DICER1 is an RNase III enzyme essential for miRNA biogenesis through cleaving precursor-miRNA hairpins. Germline loss-of-function DICER1 mutations underline the development of DICER1 syndrome, a rare genetic disorder that predisposes children to cancer development in organs such as lung, gynecologic tract, kidney, and brain. Unlike classical tumor suppressors, the somatic “second hit” in DICER1 syndrome–associated cancers does not fully inactivate DICER1 but impairs its RNase IIIb activity only, suggesting a noncanonical two-hit hypothesis. Here, we developed a genetically engineered conditional compound heterozygous Dicer1 mutant mouse strain that fully recapitulates the biallelic DICER1 mutations in DICER1 syndrome–associated human cancers. Crossing this tool strain with tissue-specific Cre strains that activate Dicer1 mutations in gynecologic tract cells at two distinct developmental stages revealed that embryonic biallelic Dicer1 mutations caused infertility in females by disrupting oviduct and endometrium development and ultimately drove cancer development. These multicystic tubal and intrauterine tumors histologically resembled a subset of DICER1 syndrome–associated human cancers. Molecular analysis uncovered accumulation of additional oncogenic events (e.g., aberrant p53 expression, Kras mutation, and Myc activation) in murine Dicer1 mutant tumors and validated miRNA biogenesis defects in 5P miRNA strand production, of which, loss of let-7 family miRNAs was identified as a putative key player in transcriptomic rewiring and tumor development. Thus, this DICER1 syndrome–associated cancer model recapitulates the biology of human cancer and provides a unique tool for future investigation and therapeutic development.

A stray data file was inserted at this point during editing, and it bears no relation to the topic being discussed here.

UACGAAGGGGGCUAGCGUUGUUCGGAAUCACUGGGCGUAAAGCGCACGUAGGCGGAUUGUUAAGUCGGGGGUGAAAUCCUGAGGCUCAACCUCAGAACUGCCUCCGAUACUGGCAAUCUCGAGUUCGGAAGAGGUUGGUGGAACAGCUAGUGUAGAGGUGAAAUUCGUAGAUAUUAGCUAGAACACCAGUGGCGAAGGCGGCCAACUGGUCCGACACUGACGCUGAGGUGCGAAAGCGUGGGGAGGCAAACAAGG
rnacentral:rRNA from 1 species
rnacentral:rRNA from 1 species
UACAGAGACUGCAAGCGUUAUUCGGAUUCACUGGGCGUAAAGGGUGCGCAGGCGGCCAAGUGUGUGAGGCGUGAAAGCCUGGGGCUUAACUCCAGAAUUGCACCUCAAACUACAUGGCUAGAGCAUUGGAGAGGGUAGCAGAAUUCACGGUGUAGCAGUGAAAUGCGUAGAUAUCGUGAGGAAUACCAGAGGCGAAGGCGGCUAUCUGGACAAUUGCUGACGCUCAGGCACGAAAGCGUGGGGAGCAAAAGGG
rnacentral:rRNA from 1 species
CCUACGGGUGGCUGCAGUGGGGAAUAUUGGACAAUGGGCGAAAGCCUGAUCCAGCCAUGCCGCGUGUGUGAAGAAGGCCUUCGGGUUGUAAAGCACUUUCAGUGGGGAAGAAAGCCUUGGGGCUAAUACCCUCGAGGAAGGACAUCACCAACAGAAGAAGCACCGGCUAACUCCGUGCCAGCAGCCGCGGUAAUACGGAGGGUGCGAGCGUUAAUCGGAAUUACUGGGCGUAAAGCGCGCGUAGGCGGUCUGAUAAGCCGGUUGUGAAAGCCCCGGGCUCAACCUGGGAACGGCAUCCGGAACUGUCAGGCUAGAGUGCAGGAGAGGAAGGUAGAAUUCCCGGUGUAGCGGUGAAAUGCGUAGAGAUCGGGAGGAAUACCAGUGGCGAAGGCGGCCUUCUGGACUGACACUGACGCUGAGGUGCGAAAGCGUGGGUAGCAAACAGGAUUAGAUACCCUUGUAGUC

Generation of a Dicer1 mutant mouse model establishes the oncogenicity of missense mutations in the DICER1 RNase IIIb domain and provides a faithful model of DICER1 syndrome–associated cancer for further investigation.

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